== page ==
The external section of the Presentation Centre is comprised of exhibition panels which are changed periodically, and show the flora and fauna within the Paklenica region, putting special emphasis on rare and endangered species, as well as to show the geological, geomorphologic and other natural particularities. The panels also describe what the park has to offer in terms of recreational possibilities (alpinism, hiking, mountain biking).
The park administration offers the possibility of organized lectures in the Presentation Centre, accompanied by slide and video projections in the Presentation Hall. The Hall can seat 28, and as such, this is the maximum size of groups for organized lectures, while outdoor lectures are limited to 50 persons.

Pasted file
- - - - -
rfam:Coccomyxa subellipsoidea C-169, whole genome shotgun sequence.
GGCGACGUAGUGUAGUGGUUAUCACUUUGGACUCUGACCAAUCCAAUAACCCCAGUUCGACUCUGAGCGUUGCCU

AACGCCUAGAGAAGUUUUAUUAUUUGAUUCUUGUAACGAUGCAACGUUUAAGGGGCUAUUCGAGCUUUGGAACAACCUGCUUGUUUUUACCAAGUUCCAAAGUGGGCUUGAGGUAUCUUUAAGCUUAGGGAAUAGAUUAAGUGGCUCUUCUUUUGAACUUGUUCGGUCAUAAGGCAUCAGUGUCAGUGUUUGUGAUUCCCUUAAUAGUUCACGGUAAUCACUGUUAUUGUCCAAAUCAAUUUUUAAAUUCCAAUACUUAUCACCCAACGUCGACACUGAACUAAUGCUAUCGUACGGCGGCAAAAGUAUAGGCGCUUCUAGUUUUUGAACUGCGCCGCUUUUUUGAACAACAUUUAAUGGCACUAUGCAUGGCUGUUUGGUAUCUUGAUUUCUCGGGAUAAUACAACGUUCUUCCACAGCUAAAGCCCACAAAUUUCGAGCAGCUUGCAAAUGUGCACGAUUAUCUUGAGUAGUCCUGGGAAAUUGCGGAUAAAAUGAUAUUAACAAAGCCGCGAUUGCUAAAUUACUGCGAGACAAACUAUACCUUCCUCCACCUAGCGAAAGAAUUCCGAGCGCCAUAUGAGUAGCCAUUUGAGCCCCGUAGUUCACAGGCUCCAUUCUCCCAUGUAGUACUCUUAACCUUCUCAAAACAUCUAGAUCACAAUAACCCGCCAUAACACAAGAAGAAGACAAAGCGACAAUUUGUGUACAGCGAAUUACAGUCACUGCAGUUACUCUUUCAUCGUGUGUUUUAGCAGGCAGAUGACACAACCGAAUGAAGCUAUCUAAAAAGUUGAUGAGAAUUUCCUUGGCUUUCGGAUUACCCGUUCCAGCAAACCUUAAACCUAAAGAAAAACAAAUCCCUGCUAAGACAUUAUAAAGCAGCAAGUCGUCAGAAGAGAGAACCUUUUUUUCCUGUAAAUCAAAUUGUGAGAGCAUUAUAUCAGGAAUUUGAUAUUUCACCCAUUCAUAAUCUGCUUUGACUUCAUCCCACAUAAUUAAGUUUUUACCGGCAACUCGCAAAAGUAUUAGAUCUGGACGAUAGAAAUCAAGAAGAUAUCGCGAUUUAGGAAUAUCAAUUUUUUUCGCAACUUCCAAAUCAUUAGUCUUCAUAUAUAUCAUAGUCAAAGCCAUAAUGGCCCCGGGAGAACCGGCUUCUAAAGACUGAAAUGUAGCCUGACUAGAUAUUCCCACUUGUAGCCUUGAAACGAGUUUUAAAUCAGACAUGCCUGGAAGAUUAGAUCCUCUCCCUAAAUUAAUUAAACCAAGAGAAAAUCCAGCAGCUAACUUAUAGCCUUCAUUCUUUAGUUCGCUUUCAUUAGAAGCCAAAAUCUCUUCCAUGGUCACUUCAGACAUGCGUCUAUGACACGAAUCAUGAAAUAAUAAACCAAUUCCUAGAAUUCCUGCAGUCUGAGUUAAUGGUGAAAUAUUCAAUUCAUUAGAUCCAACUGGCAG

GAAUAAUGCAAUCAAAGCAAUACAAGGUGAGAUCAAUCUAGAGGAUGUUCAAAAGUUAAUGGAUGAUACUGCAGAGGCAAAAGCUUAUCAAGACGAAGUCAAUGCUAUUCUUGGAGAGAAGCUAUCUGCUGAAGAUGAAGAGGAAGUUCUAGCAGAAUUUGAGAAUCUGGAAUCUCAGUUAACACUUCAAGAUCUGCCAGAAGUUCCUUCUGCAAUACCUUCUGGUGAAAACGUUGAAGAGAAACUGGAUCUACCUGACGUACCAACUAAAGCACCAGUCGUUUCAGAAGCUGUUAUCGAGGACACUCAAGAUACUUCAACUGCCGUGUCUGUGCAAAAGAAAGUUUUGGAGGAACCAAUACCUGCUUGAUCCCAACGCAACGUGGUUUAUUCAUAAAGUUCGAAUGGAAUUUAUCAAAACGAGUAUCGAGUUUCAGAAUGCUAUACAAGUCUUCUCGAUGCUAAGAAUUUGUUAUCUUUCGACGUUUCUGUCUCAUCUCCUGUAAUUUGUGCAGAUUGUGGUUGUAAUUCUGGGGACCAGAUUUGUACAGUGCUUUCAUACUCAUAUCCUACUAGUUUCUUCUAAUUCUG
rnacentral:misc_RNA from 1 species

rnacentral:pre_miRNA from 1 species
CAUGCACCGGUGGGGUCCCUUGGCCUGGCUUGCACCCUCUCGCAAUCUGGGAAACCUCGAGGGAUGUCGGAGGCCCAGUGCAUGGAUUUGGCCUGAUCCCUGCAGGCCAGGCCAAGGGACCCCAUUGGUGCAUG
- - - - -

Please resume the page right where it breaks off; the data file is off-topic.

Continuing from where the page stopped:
Alpine and Recreational Climbing
Paklenica National Park is the most visited Croatian climbing centre, well known throughout the country as well as outside its borders, and both in terms of organization and quality, and is included among the top European climbing areas.
This climbing centre is particularly charming due to its proximity to the seacoast, and as such, the Paklenica Riviera is an ideal place to combine climbing and water sports.
The history of alpinism in Paklenica began long ago, in 1938 when Dragutin Brahm attempted to climb Anića kuk. Tragically, he died in the attempt. Two years later, S. Breovački and M. Dragman completed Brahm’s mission.